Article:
To compare these numbers to other common low-impact activities, the same 160-pound person would only burn about 314 calories walking at 3.5 mph for 60 minutes. Yoga may only burn 183 calories per hour. And an elliptical trainer might burn just 365 calories in that hour.
7. Improves your sleep
Swimming may have the ability to help you sleep better at night. In a study of older adults with insomnia, participants reported improved quality of life and sleep after regular aerobic exercise.
Nearly 50 percent of seniors have some level of insomnia, so that’s excellent news. The study focused on all types of aerobic exercise, including elliptical videos, stairs, bike, pool, and aerobics.
Swimming is available to a wide range of people who are dealing with physical problems that make other exercises, such as running, less attractive. This can make swimming a good option for seniors looking to improve their sleep.
8. Boosts your mood
The researchers evaluated a small group of people with dementia and noted an improvement in mood after participating in a 12-week hydration program. Swimming and water exercise are not only psychologically beneficial for people with dementia. Exercise has been shown to boost mood in other people, too.
9. Helps manage stress
Researchers surveyed a group of swimmers immediately before and after swimming at the YMCA in New Taipei City, Taiwan. Of the 101 people surveyed, 44 reported experiencing mild depression and feelings of stress related to a fast-paced life. After swimming, the number of people still experiencing stress dropped to only eight.
While more research needs to be done in this area, the researchers concluded that swimming is a potentially powerful way to relieve stress quickly.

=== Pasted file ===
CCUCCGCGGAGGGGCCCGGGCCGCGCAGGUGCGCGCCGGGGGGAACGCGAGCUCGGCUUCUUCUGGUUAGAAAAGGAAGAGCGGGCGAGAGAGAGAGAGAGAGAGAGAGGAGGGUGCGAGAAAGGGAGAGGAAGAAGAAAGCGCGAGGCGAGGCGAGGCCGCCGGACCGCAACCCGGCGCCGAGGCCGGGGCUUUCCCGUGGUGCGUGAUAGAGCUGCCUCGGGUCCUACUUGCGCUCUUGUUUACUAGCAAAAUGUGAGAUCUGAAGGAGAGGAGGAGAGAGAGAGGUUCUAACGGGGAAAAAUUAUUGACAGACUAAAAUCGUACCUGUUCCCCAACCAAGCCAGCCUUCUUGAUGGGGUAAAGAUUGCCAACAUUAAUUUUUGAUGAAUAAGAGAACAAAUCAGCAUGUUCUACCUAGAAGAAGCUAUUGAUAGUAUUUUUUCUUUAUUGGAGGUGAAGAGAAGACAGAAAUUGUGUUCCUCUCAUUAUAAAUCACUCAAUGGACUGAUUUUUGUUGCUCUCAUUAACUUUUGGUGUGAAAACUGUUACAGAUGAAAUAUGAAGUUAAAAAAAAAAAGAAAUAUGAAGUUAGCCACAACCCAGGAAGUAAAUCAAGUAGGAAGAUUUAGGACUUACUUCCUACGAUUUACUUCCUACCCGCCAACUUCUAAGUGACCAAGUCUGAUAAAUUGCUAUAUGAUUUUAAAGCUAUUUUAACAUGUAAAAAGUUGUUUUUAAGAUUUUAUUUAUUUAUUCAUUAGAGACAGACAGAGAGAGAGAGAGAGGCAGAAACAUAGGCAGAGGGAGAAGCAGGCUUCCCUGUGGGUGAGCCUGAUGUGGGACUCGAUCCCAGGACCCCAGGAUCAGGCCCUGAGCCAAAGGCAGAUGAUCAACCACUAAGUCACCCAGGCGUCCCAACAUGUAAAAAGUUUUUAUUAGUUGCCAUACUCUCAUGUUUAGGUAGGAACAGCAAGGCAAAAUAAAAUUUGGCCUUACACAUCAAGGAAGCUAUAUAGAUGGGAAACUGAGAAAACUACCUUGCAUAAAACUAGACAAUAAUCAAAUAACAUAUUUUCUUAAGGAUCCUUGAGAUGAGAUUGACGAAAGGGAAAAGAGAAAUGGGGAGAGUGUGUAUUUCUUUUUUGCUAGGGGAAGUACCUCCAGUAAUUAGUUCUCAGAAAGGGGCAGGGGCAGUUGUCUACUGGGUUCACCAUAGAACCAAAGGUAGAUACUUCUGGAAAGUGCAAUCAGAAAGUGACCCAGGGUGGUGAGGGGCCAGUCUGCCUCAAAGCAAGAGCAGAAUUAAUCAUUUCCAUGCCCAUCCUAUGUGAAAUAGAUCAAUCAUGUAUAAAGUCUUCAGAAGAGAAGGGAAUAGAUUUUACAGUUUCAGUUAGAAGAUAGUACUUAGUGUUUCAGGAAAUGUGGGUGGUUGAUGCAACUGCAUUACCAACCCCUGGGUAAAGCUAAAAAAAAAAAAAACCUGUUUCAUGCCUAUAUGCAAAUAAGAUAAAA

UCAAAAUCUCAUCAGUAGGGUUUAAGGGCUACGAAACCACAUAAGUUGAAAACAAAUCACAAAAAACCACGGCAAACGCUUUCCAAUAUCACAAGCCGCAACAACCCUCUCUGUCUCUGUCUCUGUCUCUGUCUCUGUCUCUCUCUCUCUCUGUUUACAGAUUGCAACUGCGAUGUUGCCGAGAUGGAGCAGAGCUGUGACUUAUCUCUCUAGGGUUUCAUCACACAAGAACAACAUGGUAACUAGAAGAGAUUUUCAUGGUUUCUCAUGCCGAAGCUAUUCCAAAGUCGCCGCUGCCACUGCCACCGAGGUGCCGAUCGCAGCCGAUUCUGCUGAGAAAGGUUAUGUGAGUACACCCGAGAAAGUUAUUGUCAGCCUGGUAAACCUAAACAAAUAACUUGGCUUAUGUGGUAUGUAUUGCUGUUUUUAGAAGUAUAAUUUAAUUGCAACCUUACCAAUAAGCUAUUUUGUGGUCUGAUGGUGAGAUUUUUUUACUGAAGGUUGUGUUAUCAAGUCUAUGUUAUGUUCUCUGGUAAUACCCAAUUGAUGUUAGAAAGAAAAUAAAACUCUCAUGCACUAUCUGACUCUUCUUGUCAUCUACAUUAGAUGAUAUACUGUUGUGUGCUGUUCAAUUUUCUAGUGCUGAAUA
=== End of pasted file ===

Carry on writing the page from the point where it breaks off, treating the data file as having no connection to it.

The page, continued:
10. Safe during pregnancy
Pregnant women and their babies can reap some great rewards from swimming. In one studyTrusted Source in animals, swimming a mother rat was shown to alter brain development in her offspring. It may even protect babies from a type of neurological problem called hypoxia-ischemia, but more research is needed. Apart from the potential benefits for the child, swimming is an activity that can be performed in all three seasons.
Another study showed no negative effects of swimming in chlorinated pools during pregnancy. In fact, pregnant women who swam during early to mid-pregnancy had a lower risk of preterm birth and birth defects.
Keep in mind that while swimming is generally considered safe during pregnancy, some women may experience activity restrictions due to pregnancy complications. Talk to your doctor before starting any new exercise programs during pregnancy, and if you experience complications, ask about safe activities.
11. Great for kids too
Children need at least 60 minutes of aerobic exercise each day. It doesn’t need to feel like a chore either. Swimming is a fun activity and doesn’t necessarily feel like a formal exercise.
Your child can attend organized swimming lessons or be part of a swim team. Unstructured swimming time is another powerful option to get the kids moving.
12. Affordable
Swimming may also be an affordable sport option compared to some others, such as cycling. Many swimming pools offer reasonable rates to join. Some public schools and other centers offer swimming hours for free or on a graduated scale based on your income.
If you’re still concerned about the costs of joining a pool, check with your employer or your health insurance. Some offer compensation for joining a fitness program.